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Election reform effort needs everyone’s involvement – forum

Posted by theonlinecitizen on January 20, 2008

By Andrew Loh

Chaired by the Singapore Democratic Party chairman, Mr Gandhi Ambalam, the election reform public forum at the Allson Hotel focused on getting Singaporeans from all persuasions to be involved in the effort.

The speakers were Mr Chia Ti Lik, Mr JB Jeyaretnam, Mr Jufrie Mahmoud and Dr Chee Soon Juan.

Mr Tan Tarn How, a researcher with the Institute of Policy Studies who was scheduled to be a speaker as well, had “asked to be excused” from the forum, according to Dr Chee.

“Extra-legal, extra-parliamentary” action

Lawyer and member of SG Human Rights, Mr Chia kicked off the forum by focusing his speech on how changes to the election process in Singapore could be effected. “The system is skewed towards whoever is in power”, he said. To seek reform only when one comes into power is the “senseless” way to go, he added.

Thus, he suggested that “extra-legal, extra-parliamentary” means be adopted to attain the goal of reform. Mr Chia clarified that he was not advocating illegal action but that his use of the word “extra” simply meant “outside”.

He also had some scathing remarks about other opposition parties and their MPs. Using terms like “PAP-approved opposition” and “opposition which the PAP is comfortable with”, Mr Chia said “we have to expose PAP apologists among the opposition” and “remind the electorate about these PAP-approved opposition”.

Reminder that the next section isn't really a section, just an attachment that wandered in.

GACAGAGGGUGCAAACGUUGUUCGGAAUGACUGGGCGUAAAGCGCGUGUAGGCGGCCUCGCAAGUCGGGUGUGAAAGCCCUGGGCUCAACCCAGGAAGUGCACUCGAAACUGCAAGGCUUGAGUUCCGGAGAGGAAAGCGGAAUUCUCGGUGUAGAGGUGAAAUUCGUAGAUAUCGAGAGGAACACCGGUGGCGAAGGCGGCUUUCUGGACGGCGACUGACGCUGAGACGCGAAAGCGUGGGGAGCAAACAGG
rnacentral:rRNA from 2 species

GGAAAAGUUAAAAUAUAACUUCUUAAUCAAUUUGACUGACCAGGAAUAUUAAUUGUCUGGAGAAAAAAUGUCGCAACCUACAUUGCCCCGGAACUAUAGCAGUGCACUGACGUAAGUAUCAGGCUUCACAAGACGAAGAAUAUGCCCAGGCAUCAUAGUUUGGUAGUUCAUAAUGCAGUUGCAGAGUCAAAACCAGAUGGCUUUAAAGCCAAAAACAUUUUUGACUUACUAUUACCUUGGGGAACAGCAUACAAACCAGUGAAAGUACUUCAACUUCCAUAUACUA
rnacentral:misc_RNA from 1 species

He did not name specifically the opposition parties which he was referring to.

Mr Chia had taken part in the 2006 General Elections as a member of The Workers’ Party’s team which contested East Coast GRC.

5 issues need to be addressed

Mr JB Jeyaretnam spoke about 5 issues which he is concerned about: the fear factor, freedom of information, transparency, funding for political parties and “the blatant intimidation of voters”.

“A government rests on the will of the people”, but “the PAP has been an illegitimate government since 1965”, he said.

Because of these 5 issues, “Singaporeans still harbour this fear of victimization”, and are starved for information, there’s no transparency in our elections, opposition parties are deprived of funds and there was blatant intimidation of voters during elections, he said.

The government has “fine-tuned” the system to produce a “determined” result, which is the return of the PAP to power in every election, says the veteran politician. To overcome this, the 5 issues needed to be addressed in any reform effort, he urged.

Reforming the local media

Mr Jufrie Mahmoud, who took part in the 1991 General Elections in Eunos, focused his address on how to free the minds of Singaporeans from government indoctrination. “When we call for reform, first of all, we should reform the minds of the people”, he said.

“The weakest spot of the PAP is the mind of the people. If they can control your mind, it’s a foregone conclusion that they will win”, he said referring to the People’s Action Party.

Mr Mahmoud then turned his attention to how the media is run in Singapore. “We have in the media so many apologists for the PAP”, he said. He urged that reform of the media should be the first thing which must be addressed.

Suggesting that perhaps “we should call for a campaign against the media”, Mr Mahmoud also urged journalists here “to do their part not for the opposition but for Singapore”.